8. Gardner, S. (2009). Student and faculty attributions of attrition in high and low-completing doctoral programs in the united states. High Education. 58(1), 97-112.
  9. Ginsberg, M., Knapp, M., & Farrington, C. (2014). Using transformative experiences to prepare instructional leaders through doctoral education. Journal of Research on Leadership Education. 9(2). 168-194.
  10. Gros, B., Garcia, Y., & Escofet, A. (2012). Beyond the net generation debate: A comparison of digital learners in face-to-face and virtual universities. International Review of Research in Open and Distance Learning, 13(4).
  11. Hansen, J.I. & Leuty, M.E. (2012). Work values across generations. Journal of Career Assessment, 20, 34-52
  12. Holley, K. (2011). A cultural repertoire of practices in doctoral education. International Journal of Doctoral Studies. 6, 79.
  13. Hyatt, L. & Williams, P. (2011). 21st century competencies for doctoral leadership faculty. Innovation. Higher Education. 36(1), 53-66.
  14. Jang, H., Reeve, J., & Deci, E. (2010). Engaging students in learning activities is not autonomy support or structure but autonomy support and structure. Journal of Educational Psychology. 102(3), 588-600.
  15. Kemp, M., Molloy, TJ., Pajics, M., & Chapman, E. (2014). An analysis of reported motivational Orientation in students undertaking doctoral studies in the biomedical sciences. BMC Medical Education. 2014(14), 38.
  16. Lester, S., Stanifer, R., Schultz. N., & Windsor, J. (2012). Actual versus perceived generational differences at work: An empirical examination. Journal of Leadership& Organizational Studies. 19(3), 341-354.
  17. Livingston, R. (2011). An investigation of transformational leadership in a virtual learning environment. Retrieved from http://www.proquest.com/enUS/products/dissertations/individuals.shtml Marinez, M. & McGrath, D. (2014). Technology alone won’t transform teacher to facilitator. Phi Delta Kappan. 96, 41.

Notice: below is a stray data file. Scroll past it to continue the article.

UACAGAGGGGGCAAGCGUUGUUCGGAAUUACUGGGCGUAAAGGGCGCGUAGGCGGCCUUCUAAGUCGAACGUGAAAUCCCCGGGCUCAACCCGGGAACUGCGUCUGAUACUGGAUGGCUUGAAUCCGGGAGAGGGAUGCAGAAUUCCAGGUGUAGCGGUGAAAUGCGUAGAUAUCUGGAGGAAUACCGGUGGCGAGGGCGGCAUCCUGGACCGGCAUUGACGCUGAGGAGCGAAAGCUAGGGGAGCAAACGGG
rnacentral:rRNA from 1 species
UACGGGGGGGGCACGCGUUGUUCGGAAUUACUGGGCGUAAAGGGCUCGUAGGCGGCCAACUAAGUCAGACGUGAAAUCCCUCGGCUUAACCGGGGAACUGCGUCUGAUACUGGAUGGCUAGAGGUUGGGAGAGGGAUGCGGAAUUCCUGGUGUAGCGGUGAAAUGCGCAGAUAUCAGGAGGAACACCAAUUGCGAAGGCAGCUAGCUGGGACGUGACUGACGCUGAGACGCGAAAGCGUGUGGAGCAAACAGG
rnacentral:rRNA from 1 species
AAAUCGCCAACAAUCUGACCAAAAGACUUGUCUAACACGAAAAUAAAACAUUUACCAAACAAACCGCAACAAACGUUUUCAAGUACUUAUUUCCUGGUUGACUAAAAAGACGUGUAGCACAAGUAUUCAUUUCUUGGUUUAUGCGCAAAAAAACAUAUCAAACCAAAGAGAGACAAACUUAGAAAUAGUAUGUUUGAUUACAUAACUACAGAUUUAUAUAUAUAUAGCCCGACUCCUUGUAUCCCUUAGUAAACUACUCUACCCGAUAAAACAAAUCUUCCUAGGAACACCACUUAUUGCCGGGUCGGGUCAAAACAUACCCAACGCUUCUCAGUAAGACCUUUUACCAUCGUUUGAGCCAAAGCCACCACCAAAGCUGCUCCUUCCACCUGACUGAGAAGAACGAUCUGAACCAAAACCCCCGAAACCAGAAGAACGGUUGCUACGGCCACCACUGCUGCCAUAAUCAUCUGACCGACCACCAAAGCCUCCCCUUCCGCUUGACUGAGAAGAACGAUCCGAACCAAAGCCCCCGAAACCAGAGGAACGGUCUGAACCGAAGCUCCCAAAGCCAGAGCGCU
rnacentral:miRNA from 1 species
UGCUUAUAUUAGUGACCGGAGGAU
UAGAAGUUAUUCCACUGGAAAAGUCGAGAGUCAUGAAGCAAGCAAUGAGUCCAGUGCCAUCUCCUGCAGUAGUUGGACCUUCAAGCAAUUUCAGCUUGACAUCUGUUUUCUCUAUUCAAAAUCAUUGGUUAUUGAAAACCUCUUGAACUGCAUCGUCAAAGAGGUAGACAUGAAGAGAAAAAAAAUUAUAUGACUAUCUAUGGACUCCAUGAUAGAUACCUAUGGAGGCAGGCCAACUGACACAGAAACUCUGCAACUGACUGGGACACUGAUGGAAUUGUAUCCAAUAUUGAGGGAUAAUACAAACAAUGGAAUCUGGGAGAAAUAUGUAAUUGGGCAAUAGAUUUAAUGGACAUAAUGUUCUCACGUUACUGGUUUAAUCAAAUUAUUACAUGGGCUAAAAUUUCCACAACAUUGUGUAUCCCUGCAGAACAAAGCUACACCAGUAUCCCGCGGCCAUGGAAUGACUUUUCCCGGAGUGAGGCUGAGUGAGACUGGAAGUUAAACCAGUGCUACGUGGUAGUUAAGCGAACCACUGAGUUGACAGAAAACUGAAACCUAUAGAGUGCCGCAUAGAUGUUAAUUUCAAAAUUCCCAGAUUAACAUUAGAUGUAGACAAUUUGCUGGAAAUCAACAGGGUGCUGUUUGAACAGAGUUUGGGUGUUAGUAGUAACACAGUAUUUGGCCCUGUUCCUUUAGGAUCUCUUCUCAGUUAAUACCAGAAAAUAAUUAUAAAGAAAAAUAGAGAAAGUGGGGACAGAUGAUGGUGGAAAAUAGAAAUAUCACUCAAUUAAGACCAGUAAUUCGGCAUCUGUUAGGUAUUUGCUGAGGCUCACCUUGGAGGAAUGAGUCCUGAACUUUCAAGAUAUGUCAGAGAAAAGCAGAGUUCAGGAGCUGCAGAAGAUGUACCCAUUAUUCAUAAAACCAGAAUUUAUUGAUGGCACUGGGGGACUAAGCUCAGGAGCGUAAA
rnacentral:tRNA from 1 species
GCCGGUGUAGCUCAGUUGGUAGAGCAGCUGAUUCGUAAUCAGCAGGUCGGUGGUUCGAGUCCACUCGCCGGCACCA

18. O'Meara, K., Knudsen, K., & Jones, J. (2013). The role of emotional competencies in faculty-doctoral student relationships. Review of Higher Education, 36(3), 315-347.
  19. Nedungadi, P. & Raman, R. (2012). A new approach to personalization: Integrating e-learning and m-learning. Educational Technology Research and Development. 60(4).
  20. Schniegerjans, D., Schniegerjans, M., & Yair, L. (2012). Equity theory based strategies for Students on overcoming problems in ph.D. Dissertation committees. International Journal of Doctoral Studies. 7.
  21. Strang, KD. (2009). Measuring online learning approach and mentoring preferences of international doctorate students. International Journal of Educational Research. 48(4), 245-257.
  22. West, I.J., Gokalp, G., Pena, E., Fischer, L., & Gupton, J. (2011). Xploring effective support practices for doctoral students’ degree completion. College Student Journal. 45(2), 310-323.
  23. Willis, B. & Carmichael, K. (2011). The lived experience of late-stage doctoral student attrition In counselor education. The Qualitative Report. 16(1). 192-207.

These references have been extracted automatically and may have some errors. If you see a mistake in the references above, please contact info@learntechlib.org.